Knifed & Spooned

Knifed & Spooned is a publication dedicated to the review of record reviews published on Pitchfork. Pitchfork reviews are each disseminated before being assigned a numerical value on an arbitrary scale, which we prefer not to divulge. Contributions are made by journalists, editors, established artists and readers like you. This site does not review records and should be viewed only as meta-commentary on a singular phenomenon of popular culture.

Monday, October 23, 2006

A Review of Jessica Suarez’s Review of the Curtains Calamity 4.9

A friend once told me, “try skipping the first paragraph of every review you read, and see if you’ve missed the writer’s angle”. 4 out of 5 times it’s just gristle. Jessica Suarez gives us the skinny on what The Curtains’ Chris Cohen looks like in his press photo and why he can’t creatively bare children.

Post gristle, we get a lean review that teeters between well-rendered specifics (“palm-muted bass” and “staccatoed guitar down strokes”) and the inarticulate (“the simplicity does get simplistic at times”). I never get the impression she doesn’t have an ear for detail, but Suarez fails to incorporate her observations into a coherent direction. Her review of the Curtains’ Calamity reads as fragmented and underwritten as the album she’s writing about.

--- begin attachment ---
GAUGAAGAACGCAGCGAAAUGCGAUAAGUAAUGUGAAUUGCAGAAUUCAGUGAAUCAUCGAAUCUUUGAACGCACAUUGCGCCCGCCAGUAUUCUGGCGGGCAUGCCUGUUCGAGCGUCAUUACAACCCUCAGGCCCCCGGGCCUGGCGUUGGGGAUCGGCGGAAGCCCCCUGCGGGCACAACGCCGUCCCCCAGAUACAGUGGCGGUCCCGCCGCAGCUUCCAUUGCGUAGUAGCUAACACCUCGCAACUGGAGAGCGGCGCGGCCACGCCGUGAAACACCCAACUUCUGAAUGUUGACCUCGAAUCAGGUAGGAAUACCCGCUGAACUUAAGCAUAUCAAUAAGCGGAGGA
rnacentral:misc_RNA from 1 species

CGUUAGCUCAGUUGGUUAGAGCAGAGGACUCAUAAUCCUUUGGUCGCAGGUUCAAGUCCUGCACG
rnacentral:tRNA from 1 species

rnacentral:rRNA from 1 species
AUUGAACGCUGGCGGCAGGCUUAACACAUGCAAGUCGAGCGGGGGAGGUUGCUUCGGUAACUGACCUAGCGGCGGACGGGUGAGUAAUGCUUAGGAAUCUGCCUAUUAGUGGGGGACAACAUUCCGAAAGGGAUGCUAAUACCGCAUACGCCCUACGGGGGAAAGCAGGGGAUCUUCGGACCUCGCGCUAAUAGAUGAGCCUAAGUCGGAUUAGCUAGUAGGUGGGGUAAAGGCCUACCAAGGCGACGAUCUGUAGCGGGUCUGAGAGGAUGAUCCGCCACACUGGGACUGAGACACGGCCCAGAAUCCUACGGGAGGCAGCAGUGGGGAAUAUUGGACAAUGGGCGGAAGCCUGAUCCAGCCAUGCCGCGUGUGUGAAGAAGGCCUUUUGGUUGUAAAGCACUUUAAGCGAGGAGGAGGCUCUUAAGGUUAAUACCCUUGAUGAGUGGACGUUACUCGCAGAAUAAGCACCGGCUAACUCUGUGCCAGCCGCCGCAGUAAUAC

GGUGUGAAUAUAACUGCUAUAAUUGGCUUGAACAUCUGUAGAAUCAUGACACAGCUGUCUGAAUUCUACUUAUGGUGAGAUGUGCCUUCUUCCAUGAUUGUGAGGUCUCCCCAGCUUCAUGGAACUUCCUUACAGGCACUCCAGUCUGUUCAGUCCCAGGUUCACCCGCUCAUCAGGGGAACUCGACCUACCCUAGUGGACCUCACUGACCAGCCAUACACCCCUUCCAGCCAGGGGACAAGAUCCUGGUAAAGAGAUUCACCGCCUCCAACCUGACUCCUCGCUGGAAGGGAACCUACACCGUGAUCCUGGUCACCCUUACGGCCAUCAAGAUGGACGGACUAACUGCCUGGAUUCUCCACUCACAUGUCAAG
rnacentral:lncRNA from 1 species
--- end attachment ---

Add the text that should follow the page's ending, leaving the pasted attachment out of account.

It’s not just unfortunate, but uncharacteristic of her best work. Suarez’s excellent track reviews prove her ability to use her ear in a way that lends to the depth of her writing. She is more than capable of picking up subtle details, but I don’t see her relating them well to a particular context, here. Maybe, the reader could better connect her observations if her thesis wasn’t also the last line of her review.

--Robin Graves


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